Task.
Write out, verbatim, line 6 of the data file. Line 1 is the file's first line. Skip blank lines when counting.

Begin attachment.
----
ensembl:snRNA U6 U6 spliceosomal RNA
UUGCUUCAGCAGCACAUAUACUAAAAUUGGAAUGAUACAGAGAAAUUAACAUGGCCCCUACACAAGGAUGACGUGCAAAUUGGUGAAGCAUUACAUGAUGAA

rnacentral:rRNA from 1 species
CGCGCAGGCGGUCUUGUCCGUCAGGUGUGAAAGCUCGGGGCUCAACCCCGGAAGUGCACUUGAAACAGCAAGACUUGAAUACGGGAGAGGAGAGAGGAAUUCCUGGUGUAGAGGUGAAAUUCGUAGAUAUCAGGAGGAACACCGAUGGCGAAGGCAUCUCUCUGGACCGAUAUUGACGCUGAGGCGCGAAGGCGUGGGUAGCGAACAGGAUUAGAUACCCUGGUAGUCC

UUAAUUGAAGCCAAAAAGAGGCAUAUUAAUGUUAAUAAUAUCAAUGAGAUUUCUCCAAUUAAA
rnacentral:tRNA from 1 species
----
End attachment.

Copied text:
rnacentral:tRNA from 1 species